It is a period of transition. Pursued by the Empire's sinister forehead, Terone Johnson races home aboard his starship, custodian of the game plan that can save his people and restore freedom to West Lafayette ...
If I'd told you a week and a half ago that the loser of this game would probably get the #9 seed in the conference tournament, you'd have probably agreed, muttered something about Painter, and probably made a note not to watch any Thursday games that week ... because there would have been little doubt that it would be Purdue who'd come out on the short end of the stick.
Instead, coming off a huge win in Madison and a close but hard-fought loss to Michigan at home, Purdue made it clear which team was going into the tournament on a high note, never falling behind in an 89-73 win that was never in doubt. A Terone Johnson 3 gave the Boilers the first points of the game; A.J. Hammons broke a 3-all tie with a basket that would give Purdue the lead for good.
|Even this guy would have struggled
at Mackey on Saturday.
Minnesota had struggled mightily on the road in conference play – their only conference win was a 17-point win over an Illinois team that looked, well, like the Gophers do now – and they played no better in West Lafayette. They found themselves down 20-5 and 30-9 in the first half; a D.J. Byrd layup put Tubby's crew in a 17-point halftime hole. It was all Minnesota could do to get the lead back to single digits, and each time they did, Purdue would answer ... the fact that the last three-point basket of the game belonged to Ronnie Johnson, of all people, should tell you all you need to know.
Defensively, the Boilers were adequate on the outside. Andre Hollins led all scorers with 24 points, 18 of those from long range, yet the early hole that the Gophers dug themselves meant that most of those shots didn't have nearly the impact you'd guess; his last basket cut a 21-point deficit to 18 with just over 3 minutes to play, at a point where there was no reason to believe anything he did would make a difference.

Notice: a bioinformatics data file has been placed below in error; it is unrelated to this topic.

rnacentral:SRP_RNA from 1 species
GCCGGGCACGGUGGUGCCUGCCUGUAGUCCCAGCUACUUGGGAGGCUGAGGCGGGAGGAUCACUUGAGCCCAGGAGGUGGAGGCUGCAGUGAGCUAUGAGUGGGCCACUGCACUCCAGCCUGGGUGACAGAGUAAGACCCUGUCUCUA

Inside, things were a different story. Trevor Mbakwe scored just 6 points on 2 for 9 shooting, his fourth-worst outing in conference play. Rodney Williams had 13 points, but that included a three and 4 free throws; no other frontcourt player had more than 4.
Purdue forced "only" 13 turnovers (a high number for them, but not really enough to be a problem for Minnesota), and allowed 39% shooting from three-point range ... but for a change, the offense was good enough that nothing on the defensive side was going to be a problem. All five starters scored in double figures, led by Byrd and Rapheal Davis with 18 apiece, and team shooting was remarkably accurate: 56.8% from two, 46.7% from three, and a whopping 75% from the line, 18-24. The 89 points was a season high, and it had to be encouraging for Painter that they were as evenly distributed as possible (44 first-half points, 45 after the break) ... this wasn't a case where Purdue jumped out to an early lead and held on for dear life.
|I have altered the standings.
Pray I don't alter them further.
We won't know for another week or so if this was D.J.'s last game in Mackey, but if it was, it was about as good as you could ask. Along with those 18 points, he had a team-leading 7 rebounds (only Mbakwe had more, with 10), 5 assists, and 2 steals, both of which led directly to points (2 on a Davis layup and 2 on Hammons free throws after a foul).
Speaking of Hammons, he had a perfect day: 6 of 6 from the field, plus the two free throws, for 14 points ... not bad for just over a half of work. Without seeing the game myself, I can't say if this came from more effort on his part, but I will assume that the fact that he played as much as he did indicates that he's earned those minutes. Hopefully we'll continue to see hard work on his part: as noted in this space before, he's got too much talent to let it go to waste.
Davis had a solid game as well: 6-8 from the field and 6-7 from the line for his 18. I'd really like to see Davis continue to get major minutes as we go up to Chicago and then hopefully steal a postseason slot somewhere ... Anthony Johnson seems not quite ready for starter's minutes, and Davis' play against Michigan and Minnesota this week has been really good.
Something else I couldn't tell from the box score was Marcius' health: he got 14 minutes against a quality big in Mbakwe, so I don't know if he was largely unproductive because of his ankle or Mbakwe's presence or both.
As you'll know if you've been following The Most Confusing Post Ever, this win ensured that Purdue wouldn't drop to #9, because it gave them a tiebreaker advantage over Minnesota no matter who else was tied with them. Iowa's win means that Purdue will be seeded #7 if Illinois loses to Ohio State or #8 if they win, and the Illini will have the other seed. The #7 seed will face Nebraska, and the #8 will play Minnesota*. Minnesota is much better than the Cornhuskers, and I don't know if Purdue needs another quality win as much as they simply need a win, but if the Boilers play like this on Thursday, the opponent might not matter. (On the other hand, the #8 seed will almost certainly play Indiana on Friday if they win; the #7 will get not-Indiana. As much as I'd love to see Purdue knock IU out of the Big Ten tournament, there are ... other potential outcomes.)
*there are scenarios where Minnesota would finish #8 and Illinois #9, depending on who ties Indiana for first; an IU win over Michigan gives Illinois the tiebreaker against the Gophers.
Anyway, the Good Guys have won 3 of 5 in conference play, including two wins over tournament-bound teams.
Choo choo, muthas.